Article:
After a review of its stock-option practices, Aon announced that it will restate its financials for 2003, 2004, 2005, and the first three quarters of 2006.
Last month, the insurance broker elaborated, it disclosed that incorrect measurement dates for certain stock options granted in 2000 and earlier “appeared to have been used for financial accounting purposes.” At that time, Aon’s audit committee undertook a comprehensive review of the company’s practices regarding option grant dates and related accounting.
As a result, Aon stated, it would increase compensation expense by $3 million for 2005 and $2 million for 2006. The company concluded that the impact of corrected compensation expense is not material to any reporting period. Aon also found, however, that the “cumulative impact of the delegated grants and other administrative errors” for 1994 to 2006 — $66 million, pretax — is sufficiently material to warrant restatement.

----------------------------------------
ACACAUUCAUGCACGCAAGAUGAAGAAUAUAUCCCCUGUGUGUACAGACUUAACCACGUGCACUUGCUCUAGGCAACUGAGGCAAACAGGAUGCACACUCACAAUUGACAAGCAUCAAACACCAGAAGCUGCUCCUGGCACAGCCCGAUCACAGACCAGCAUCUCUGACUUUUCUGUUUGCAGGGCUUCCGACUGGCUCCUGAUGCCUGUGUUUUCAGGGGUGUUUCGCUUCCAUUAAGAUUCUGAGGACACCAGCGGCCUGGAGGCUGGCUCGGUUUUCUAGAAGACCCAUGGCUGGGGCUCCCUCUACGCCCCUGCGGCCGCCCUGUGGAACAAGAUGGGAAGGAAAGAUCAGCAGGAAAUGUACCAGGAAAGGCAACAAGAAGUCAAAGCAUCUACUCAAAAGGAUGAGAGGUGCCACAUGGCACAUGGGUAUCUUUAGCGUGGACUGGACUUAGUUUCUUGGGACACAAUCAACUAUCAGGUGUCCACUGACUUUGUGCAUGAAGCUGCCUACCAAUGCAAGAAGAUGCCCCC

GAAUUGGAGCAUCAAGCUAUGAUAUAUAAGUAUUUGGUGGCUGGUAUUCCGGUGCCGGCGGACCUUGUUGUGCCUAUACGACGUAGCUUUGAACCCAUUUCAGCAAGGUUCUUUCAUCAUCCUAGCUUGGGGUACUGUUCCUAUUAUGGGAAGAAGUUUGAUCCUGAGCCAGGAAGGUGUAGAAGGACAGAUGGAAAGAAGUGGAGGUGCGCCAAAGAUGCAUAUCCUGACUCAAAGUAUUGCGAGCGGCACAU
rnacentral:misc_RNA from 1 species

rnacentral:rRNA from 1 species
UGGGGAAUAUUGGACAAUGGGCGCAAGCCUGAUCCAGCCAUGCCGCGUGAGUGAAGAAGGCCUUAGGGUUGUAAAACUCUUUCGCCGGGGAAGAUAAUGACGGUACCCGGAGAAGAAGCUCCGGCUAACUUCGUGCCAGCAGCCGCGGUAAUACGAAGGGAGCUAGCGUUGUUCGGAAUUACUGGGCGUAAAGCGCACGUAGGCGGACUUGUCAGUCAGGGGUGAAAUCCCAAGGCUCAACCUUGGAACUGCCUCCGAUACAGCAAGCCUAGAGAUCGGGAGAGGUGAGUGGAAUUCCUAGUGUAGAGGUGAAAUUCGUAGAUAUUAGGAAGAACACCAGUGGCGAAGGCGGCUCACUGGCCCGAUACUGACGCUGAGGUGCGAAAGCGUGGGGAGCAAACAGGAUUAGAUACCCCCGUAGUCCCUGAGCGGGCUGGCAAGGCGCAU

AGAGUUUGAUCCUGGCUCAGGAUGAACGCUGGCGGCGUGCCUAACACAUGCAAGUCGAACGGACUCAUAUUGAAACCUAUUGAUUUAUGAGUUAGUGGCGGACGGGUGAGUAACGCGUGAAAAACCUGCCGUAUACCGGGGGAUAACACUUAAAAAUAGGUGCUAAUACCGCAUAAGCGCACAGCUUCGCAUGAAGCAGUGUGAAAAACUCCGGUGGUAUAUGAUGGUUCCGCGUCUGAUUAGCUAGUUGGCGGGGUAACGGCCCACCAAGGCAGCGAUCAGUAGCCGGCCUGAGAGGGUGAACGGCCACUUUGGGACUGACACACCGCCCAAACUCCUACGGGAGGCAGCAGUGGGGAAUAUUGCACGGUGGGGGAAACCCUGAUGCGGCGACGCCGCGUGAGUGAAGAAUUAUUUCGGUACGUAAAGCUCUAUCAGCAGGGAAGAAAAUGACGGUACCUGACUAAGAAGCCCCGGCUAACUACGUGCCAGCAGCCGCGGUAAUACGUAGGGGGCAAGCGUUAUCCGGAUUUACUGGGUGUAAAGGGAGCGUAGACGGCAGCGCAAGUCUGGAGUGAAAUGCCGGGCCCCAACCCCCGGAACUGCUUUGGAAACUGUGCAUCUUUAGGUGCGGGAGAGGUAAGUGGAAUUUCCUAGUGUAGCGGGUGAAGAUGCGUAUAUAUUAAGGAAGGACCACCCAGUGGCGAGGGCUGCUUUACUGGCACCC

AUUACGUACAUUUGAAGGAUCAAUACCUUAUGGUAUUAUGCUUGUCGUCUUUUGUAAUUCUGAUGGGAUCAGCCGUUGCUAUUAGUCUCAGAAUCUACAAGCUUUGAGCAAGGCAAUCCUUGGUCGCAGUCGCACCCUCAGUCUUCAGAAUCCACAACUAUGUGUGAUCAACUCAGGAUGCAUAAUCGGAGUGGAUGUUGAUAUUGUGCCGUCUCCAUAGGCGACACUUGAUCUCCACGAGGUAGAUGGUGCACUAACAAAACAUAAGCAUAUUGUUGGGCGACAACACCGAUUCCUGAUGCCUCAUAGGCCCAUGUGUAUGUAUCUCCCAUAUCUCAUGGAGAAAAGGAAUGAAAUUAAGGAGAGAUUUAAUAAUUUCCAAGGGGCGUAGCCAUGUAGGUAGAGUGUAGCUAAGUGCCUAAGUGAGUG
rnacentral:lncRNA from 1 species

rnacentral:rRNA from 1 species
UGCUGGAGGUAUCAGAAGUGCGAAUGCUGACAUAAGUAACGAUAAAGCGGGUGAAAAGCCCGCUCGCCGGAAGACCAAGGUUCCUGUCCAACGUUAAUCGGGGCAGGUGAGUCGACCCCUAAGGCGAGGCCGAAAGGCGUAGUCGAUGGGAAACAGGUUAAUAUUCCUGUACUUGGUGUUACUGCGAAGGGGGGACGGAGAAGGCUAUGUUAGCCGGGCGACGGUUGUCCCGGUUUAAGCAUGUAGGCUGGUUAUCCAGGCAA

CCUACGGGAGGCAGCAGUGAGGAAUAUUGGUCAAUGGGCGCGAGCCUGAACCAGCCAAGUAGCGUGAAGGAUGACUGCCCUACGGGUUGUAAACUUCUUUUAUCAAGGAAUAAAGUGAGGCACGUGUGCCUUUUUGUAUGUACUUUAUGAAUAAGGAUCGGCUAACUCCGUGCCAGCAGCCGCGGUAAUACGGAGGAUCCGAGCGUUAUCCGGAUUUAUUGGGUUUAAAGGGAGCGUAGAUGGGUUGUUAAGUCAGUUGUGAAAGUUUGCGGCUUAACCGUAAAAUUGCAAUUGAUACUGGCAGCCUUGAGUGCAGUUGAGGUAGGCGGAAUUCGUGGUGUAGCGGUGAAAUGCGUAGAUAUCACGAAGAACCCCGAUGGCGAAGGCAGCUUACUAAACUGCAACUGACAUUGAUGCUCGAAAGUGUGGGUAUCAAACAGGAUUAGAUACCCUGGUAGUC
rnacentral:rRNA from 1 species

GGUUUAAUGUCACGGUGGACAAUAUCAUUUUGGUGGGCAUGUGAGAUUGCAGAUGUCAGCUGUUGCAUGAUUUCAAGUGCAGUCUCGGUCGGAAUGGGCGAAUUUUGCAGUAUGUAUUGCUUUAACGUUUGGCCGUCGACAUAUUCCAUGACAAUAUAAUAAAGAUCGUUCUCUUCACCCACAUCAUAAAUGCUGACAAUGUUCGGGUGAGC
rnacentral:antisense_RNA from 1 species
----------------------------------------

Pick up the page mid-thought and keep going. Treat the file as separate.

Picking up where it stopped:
The company stressed that its review found no misconduct by current or former management or directors.
The review did reveal a limited number of instances in which options were granted as of a prior date to honor employment or other previously made contractual commitments. But even in these cases, Aon maintained, no evidence was found that the selection of grant dates was motivated by pricing considerations.
The company also stated that additional noncash stock-based compensation expense and related tax effects regarding past option grants would result in after-tax adjustments of $2 million for fiscal year 2005, $3 million for 2004, $9 million for 2003, and $10 million for 2002.